Lebanon/ 5.1 General legislation  

5.1.7 Copyright provisions

Legal protection of intellectual property dates backs to the Ottoman era.

Before the issuance of the law known as the 12 Jamada al-Oola Law in 1328 (1910), some legal provisions which provide authors with some form of protection were found in the country. This law acknowledged the copyrights of artists for all their products: books, drawings, manuscripts and musical works.

During the French mandate, a special office of literary and artistic property protection  was created on 19 Jul. 1923, followed by Decision 2358 issued on 17 January 1924 to determine, organize and protect intellectual property according to the latest international standards.

On 1 Aug. 1924, Lebanon became part of the well-known Bern Convention held on 9 September 1886 pertaining to the protection of literary and artistic works.

The Lebanese Copyright Law 75 was issued on 3 April 1999, which defines all related terms and determines the works covered by copyright protection, its conditions, scope of implementation and the rights enjoyed by copyright owners. This law also specifies the additional rights enjoyed by  the performing artists, audio records producers, TV and radio broadcasting institutions, stations and companies, publishing houses and the legal protection period.

This law permits the creation of copyright management associations and companies and determines and sets out the deposition procedures, precautionary measures, damages and penalties.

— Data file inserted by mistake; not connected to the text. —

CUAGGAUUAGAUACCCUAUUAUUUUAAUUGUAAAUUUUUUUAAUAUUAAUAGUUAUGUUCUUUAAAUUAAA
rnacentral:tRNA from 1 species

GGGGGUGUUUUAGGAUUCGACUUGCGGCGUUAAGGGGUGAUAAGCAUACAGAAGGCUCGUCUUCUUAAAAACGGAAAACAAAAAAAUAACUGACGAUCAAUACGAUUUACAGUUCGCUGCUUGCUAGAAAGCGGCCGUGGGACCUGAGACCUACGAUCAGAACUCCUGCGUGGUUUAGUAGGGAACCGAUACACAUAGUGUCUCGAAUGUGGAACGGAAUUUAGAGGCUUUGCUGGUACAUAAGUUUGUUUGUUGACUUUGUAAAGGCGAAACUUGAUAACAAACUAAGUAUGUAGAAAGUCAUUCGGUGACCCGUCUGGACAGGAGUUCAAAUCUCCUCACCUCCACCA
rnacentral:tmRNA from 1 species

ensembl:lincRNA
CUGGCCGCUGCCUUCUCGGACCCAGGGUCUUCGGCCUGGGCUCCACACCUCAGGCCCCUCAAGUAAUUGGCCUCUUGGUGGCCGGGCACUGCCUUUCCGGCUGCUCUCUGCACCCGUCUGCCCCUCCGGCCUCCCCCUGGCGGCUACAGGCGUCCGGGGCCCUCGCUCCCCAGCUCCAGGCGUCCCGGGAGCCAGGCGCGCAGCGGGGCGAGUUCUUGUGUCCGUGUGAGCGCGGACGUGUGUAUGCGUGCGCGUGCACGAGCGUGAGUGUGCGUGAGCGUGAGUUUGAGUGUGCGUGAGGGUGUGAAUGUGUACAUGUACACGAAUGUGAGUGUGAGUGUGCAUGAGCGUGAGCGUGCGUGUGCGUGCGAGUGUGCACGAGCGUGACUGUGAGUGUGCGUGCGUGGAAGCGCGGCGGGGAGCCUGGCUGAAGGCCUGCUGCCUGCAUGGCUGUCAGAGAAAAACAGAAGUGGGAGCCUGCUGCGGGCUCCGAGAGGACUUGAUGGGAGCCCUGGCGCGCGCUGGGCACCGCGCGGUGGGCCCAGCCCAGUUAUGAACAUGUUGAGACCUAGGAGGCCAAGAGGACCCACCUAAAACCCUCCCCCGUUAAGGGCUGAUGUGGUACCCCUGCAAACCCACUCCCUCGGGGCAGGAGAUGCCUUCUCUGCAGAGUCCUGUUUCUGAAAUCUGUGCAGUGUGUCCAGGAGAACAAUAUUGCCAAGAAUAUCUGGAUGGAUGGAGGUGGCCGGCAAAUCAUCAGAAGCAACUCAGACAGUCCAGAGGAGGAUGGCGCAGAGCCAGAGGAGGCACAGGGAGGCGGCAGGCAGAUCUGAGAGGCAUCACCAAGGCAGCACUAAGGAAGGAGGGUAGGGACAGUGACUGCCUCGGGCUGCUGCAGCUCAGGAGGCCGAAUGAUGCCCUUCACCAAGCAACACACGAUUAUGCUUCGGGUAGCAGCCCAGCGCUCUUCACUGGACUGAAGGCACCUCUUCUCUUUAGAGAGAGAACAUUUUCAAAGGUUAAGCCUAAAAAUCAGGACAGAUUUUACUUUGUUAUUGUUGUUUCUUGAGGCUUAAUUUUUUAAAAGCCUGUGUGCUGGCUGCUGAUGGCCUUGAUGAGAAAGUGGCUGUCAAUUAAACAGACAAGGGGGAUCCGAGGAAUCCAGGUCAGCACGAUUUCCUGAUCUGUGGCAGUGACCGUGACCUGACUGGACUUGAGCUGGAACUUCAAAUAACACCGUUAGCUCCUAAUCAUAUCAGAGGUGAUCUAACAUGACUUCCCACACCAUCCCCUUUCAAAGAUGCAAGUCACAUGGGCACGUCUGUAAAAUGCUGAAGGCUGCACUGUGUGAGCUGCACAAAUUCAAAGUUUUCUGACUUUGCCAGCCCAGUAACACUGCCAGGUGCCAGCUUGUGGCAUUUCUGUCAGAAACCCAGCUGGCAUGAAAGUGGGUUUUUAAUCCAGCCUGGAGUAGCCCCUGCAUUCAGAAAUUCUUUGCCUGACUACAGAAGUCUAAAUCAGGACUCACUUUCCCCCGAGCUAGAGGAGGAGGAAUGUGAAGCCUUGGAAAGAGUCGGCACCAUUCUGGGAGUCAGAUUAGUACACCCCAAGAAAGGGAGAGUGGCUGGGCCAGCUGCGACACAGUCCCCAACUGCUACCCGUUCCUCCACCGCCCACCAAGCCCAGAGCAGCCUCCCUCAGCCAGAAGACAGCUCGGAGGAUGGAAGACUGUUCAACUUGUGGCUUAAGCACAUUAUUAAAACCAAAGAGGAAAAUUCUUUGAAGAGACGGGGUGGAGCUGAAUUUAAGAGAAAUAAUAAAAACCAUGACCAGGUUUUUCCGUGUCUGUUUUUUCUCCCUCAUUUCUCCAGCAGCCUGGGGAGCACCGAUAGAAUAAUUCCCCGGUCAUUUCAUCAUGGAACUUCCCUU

Article 2 of Lebanese Copyright Law 75/99 specifies the works covered by legal protection as follows: all products of human mind whether written, painted, sculptured or spoken and regardless of their value or purpose and regardless of method or form of expression.

This indicates that the copyrighted works are not only limited to books but also include any intellectual product or invention regardless of form of expression, such as writing, painting, photographing, movement, performing, playing, reciting, acting, dancing or any other form, whether directly or via a device or other instruments.

An author is by definition not only a writer but also a painter, photographer, lecturer, orator, musician, actor, sculptor, singer or any person who produced a work with a certain degree of creativity.

The works specified in articles 2 and 3 of the mentioned law that are legally protected include, but not limited to:

  • Books, archives, booklets, publications, prints and other written literary, artistic and scientific works.
  • Lectures, speeches and other oral works.
  • Audio and visual works and photographs.
  • Musical works, whether or not associated with speech.
  • Plays and musicals.
  • Choreography and pantomime.
  • Painting, sculpture, craving, decoration, weaving and lithography.
  • Paintings and images related to architecture.
  • Computer programs, including preparatory works.
  •  Plans, blueprints, designs and geographic, topographic, engineering and scientific 3Ds.
  • Works of plastic arts of all types, whether or not dedicated for industry.
  • All secondary works, without prejudice to the rights of the original work, such as translated and adapted  materials, cover versions and collections of works or information, whether electronic or otherwise, licensed by the copyright owner or their public or private successors, provided that the selection or arrangement of the content is creative. 

Chapter published: 07-04-2016